before Chuck Chillout decided to record music and manage artists. In 1989, he released an album with rapper Kool Chip called Masters of the Rhythm. Among the singles were “Rhythm is the Master” and “I’m Large,” with videos directed by Ralph McDaniels of Video Music Box fame.
WHEN HIP HOP GOT THE COLD SHOULDER FROM URBAN RADIO, DJ CHUCK CHILLOUT HELPED BRING THE HEAT FROM THE STREET ONTO THE AIRWAVES
“We were the third rap group signed to Polygram, so they really didn’t understand what rap was about,” says Chuck. “First it was Kurtis Blow, then the Fat Boys, then us, so they still didn’t know how to work a rapper. Def Jam back then was good at that.”
Eventually Chuck helped discover groups like Black Moon and produced for a group called the DisMasters. While he used to play the songs of groups he was affiliated with on the radio, he didn’t see it as a conflict of interest. “I played everybody back then,” he says.
“It’s a different era now. I gave everybody shine.”
It’s easy to see that Chuck is not altogether happy with the current state of urban radio.
“Right now radio is a piece of shit,” he barks.
“Too much ass kissing. If you’re not down with this person or that person, you’re not getting on the radio. Back then it was about playing records and making it happen. If something was hot, it got played.”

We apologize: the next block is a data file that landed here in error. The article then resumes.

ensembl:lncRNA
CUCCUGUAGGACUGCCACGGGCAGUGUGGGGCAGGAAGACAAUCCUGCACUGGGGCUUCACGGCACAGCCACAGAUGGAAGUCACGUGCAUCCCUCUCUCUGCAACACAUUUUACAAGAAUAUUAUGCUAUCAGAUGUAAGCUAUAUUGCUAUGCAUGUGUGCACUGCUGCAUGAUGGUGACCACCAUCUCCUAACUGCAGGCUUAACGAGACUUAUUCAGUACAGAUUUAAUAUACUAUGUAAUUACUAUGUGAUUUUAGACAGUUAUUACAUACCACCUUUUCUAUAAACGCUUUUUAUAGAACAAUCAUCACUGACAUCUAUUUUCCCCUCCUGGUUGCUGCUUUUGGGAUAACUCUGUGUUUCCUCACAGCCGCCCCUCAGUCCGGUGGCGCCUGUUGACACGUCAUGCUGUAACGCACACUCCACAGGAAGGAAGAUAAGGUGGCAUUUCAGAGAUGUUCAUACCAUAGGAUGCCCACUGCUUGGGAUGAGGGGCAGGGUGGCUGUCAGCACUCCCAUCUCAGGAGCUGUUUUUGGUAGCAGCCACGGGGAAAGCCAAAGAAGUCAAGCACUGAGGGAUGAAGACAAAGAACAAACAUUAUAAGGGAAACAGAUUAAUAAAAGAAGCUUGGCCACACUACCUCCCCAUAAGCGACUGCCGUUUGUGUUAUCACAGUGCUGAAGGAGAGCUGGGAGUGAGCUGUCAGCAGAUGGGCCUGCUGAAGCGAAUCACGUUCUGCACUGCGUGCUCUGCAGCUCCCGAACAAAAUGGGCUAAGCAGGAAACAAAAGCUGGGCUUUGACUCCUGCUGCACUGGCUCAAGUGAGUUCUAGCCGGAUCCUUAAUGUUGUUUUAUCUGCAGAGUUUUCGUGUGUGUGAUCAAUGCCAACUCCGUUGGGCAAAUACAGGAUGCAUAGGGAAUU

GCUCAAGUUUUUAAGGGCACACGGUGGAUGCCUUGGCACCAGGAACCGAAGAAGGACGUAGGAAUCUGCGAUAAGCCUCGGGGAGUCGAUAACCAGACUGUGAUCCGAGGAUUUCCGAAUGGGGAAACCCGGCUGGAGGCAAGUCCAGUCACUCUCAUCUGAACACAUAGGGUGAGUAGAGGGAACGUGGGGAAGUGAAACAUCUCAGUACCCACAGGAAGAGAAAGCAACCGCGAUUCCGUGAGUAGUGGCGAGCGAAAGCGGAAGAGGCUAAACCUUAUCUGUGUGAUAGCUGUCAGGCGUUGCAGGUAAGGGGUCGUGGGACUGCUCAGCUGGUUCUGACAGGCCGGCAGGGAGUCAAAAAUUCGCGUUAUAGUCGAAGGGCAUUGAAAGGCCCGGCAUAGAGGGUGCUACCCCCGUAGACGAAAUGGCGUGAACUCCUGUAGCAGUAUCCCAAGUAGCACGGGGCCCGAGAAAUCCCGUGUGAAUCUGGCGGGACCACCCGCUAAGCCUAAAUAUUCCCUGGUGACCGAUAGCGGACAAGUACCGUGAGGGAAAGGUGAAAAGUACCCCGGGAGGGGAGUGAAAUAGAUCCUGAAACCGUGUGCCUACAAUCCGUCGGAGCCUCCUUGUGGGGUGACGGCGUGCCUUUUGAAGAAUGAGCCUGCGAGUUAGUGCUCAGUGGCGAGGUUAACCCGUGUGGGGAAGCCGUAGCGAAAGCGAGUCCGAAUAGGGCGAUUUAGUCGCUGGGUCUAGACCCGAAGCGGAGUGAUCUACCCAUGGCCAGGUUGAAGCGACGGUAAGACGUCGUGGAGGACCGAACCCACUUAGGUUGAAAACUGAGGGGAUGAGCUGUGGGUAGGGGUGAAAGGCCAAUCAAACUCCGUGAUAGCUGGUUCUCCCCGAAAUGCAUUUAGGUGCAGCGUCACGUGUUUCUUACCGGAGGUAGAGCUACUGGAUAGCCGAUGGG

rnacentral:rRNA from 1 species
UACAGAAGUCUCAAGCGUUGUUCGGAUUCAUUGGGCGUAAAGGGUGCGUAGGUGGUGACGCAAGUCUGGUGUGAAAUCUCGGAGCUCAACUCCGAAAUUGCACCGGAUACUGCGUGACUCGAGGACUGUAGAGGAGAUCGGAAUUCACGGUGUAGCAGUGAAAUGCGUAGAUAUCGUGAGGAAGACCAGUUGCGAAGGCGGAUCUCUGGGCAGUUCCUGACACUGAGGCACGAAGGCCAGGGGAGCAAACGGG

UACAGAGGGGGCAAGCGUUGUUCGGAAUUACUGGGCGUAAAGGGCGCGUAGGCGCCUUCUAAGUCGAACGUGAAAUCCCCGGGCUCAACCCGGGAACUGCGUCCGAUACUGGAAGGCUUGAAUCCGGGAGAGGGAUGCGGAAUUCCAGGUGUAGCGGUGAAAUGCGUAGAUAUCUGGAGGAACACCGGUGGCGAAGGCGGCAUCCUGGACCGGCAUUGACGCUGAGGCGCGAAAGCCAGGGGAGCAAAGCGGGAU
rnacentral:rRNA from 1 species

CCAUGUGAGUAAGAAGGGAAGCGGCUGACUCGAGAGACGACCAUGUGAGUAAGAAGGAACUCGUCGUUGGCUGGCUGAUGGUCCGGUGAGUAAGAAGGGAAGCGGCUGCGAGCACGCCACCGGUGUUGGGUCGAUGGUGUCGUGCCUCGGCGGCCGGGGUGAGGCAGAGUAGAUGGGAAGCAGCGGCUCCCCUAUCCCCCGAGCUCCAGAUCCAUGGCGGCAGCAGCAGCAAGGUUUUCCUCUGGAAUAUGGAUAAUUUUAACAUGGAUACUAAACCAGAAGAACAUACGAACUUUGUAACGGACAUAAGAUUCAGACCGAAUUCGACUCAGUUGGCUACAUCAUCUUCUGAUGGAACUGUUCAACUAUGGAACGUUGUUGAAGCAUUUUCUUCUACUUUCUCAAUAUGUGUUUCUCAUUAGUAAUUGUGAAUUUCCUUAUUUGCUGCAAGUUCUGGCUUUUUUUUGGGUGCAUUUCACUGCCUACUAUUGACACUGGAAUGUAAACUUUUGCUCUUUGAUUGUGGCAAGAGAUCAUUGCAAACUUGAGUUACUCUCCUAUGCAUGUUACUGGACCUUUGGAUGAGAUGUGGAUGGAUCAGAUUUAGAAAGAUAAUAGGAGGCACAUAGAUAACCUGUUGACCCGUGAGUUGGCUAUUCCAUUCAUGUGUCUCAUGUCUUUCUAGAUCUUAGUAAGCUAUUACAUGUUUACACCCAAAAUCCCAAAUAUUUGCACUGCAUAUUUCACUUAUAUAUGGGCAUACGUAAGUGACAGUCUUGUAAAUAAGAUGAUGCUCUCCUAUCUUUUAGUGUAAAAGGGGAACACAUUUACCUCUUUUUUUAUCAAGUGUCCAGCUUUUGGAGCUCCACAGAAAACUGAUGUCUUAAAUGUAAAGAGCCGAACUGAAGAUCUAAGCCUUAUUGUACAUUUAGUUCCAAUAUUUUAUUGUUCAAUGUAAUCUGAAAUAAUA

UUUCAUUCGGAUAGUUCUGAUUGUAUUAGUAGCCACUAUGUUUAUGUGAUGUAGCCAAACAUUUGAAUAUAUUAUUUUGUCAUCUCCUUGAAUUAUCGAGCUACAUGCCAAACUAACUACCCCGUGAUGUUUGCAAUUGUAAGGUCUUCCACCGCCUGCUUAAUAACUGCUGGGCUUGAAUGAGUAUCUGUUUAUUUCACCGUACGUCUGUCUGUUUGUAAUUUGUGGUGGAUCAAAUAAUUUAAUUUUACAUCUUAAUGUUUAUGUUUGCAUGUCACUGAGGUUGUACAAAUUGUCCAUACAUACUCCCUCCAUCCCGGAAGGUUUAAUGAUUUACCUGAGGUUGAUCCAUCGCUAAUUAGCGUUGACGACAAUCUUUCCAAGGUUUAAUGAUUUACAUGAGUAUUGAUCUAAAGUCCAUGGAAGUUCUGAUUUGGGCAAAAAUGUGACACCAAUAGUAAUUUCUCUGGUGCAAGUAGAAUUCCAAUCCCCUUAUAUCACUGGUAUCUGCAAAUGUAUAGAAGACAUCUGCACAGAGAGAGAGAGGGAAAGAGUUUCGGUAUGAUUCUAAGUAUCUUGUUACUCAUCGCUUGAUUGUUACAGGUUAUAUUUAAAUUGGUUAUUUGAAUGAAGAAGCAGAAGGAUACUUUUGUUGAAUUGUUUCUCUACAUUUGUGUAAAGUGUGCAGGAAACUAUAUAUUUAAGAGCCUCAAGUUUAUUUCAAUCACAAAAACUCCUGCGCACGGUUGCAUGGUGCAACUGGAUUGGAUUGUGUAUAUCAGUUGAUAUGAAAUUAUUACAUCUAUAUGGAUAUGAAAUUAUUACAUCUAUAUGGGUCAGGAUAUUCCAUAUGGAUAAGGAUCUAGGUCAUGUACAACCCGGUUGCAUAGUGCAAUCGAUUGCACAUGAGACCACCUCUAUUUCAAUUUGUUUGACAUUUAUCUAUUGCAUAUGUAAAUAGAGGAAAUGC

But beyond the state of radio. Chuck is more upset about the state of DJs in Hip Hop. In the era of the park jam, the DJ was the focal point; he would bring an MC on to rock if he chose. Now, with the proliferation of DAT machines and bands, the DJ is an optional rather than essential part of the show. “A brother rappin’ with a band is not rap to me,” he says flatly. “Rap is two turntables and a mic.”
WE WERE DOING THREE HOUR MIXES ON FRIDAY NIGHT FROM 9 TO 12. BUT WE WERE NEW TO ALL OF IT. WE, WERE JUST HAPPY TO BE ON THE AIR.
Currently, Chuck is doing satellite radio for the Raw Channel on XM and is managing an artist named Fort Knox. Through his company Full Blast Entertaiment (973 242 2040), he does event promotions, tapes and remixes.
But, while he wishes things were different on mainstream radio, he wouldn’t mind returning. “I’d love to go back to WBLS,” he admits. On occasion Chuck does live broadcasts from clubs for the station. “Big shout out to Vinny Brown.” ©
Nikki D and Chuck
CHUCK CHILLOUT’S TOP 5 RADIO MOMENTS
•Being able to play songs that he produced, like The DisMasters song, “Small Time Hustlers”
•Magic and Marley Marl vs. Chuck and Red Alert. “Magic used to talk a lot of shit, but he was cool.”
•Breaking Public Enemy’s “Rebel Without a Pause” on the radio •Having LL Cool J on his show around ’87
•Program directors beefed with me playing 2 Live Crew’s ‘Me So Horny,’ but I played it anyway. It was hot in the street.”